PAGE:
neighborhoods, the runoff in drinking water- the whole collection of chemicals out there, mostly untested for toxicity
to humans, let alone for possible cancerous effects in children."
As a result of the recent data on childhood cancer, Carol M. Browner, the administrator of the E.P.A., is undertaking
a new research program that will move beyond the chemical-by-chemical approach of the past and instead
investigate a child's total cumulative risk from all exposure to toxic chemicals.
Dr. Lynn R. Goldman, the assistant administrator of the E.P.A. for pesticides and toxic substances, said that
scientists lack even basic toxicity data for most of the Agency's list of 3,000 industrial chemicals produced in the
highest volumes each year--many of them found in consumer products and in the workplace.
So who is Jerry H. Berke and why is he so anxious to convince the readers of The New England Journal of Medicine
that (a) there is no cancer epidemic, and (b) it can't possibly be related to exposure to toxic chemicals and pesticides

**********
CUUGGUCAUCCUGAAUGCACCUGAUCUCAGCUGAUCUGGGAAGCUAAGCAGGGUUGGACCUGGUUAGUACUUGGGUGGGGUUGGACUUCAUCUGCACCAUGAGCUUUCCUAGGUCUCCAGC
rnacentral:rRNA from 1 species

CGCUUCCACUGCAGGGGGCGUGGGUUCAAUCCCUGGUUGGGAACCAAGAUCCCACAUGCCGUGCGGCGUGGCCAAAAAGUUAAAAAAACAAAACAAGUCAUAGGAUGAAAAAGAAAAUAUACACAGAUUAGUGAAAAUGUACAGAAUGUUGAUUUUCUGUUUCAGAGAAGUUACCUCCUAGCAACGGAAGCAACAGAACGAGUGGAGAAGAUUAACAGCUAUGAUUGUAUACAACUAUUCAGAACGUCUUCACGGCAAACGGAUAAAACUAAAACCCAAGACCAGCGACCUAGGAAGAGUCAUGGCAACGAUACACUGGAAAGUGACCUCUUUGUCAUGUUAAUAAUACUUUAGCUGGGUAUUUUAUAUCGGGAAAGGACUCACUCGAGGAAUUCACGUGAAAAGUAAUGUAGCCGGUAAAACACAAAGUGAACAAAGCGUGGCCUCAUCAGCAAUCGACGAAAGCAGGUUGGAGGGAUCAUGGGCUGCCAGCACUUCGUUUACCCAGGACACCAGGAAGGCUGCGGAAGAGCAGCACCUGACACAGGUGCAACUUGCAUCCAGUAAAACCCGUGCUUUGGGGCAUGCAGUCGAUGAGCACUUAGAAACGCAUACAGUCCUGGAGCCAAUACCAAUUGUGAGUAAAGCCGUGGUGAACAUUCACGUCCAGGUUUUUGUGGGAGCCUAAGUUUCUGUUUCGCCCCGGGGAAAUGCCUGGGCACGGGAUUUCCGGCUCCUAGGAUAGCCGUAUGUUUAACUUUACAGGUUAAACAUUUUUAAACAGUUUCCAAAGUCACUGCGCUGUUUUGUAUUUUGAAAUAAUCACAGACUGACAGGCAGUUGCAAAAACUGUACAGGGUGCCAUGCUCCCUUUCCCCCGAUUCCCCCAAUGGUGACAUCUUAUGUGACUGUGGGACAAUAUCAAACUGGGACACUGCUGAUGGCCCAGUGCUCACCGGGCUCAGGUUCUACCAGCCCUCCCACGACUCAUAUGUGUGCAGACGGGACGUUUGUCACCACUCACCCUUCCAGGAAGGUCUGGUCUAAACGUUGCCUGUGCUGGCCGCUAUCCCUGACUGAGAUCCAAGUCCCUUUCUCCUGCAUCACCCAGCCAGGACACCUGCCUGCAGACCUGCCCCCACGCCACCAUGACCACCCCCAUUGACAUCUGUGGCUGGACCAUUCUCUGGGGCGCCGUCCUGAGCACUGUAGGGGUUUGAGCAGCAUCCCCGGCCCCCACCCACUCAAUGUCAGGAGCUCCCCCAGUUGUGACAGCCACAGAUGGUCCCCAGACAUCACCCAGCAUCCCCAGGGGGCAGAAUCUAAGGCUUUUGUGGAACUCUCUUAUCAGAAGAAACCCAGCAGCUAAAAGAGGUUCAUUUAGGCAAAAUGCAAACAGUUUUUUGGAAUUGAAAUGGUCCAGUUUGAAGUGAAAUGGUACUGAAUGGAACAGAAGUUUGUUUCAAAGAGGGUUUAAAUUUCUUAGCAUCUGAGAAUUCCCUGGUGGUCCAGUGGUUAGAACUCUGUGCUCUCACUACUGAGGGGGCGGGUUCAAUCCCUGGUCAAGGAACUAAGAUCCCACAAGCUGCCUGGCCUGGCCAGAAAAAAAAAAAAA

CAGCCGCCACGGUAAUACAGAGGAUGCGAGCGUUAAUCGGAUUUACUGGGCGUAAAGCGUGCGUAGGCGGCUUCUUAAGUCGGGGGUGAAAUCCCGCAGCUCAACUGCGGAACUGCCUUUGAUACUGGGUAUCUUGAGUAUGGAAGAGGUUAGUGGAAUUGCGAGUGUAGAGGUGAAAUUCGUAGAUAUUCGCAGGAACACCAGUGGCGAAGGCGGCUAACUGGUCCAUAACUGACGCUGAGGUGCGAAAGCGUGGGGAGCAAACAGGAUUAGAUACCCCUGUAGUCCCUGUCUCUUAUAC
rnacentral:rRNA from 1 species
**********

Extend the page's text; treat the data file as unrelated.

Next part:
in the environment?
Dr. Berke is the Director of Medicine and Toxicology for W. R. Grace & Company, of New York City, one of the
nation's largest chemical manufacturers.
W. R. Grace is the company whose renegade conduct is so powerfully described in the best-selling book "A Civil
Action," which is now being made into a major motion picture starring John Travolta.
W. R. Grace is the company that was found responsible in a 1986 jury trial of contaminating drinking water supplies
in Woburn, Massachusetts, by pouring trichloroethylene--a known chemical carcinogen--into an open ditch on
company property that led directly to a brook.
W. R. Grace is the company that subsequently paid $8 million to settle claims brought by the families of seven
Woburn children and one adult who developed leukemia after drinking water that was shown to be contaminated with
the chemicals dumped by the company.
W. R. Grace is the company that pleaded guilty to two felony counts of lying to the EPA about the chemicals it had
dumped into the ground in Woburn, and paid the maximum fine of $10,000 for having done so.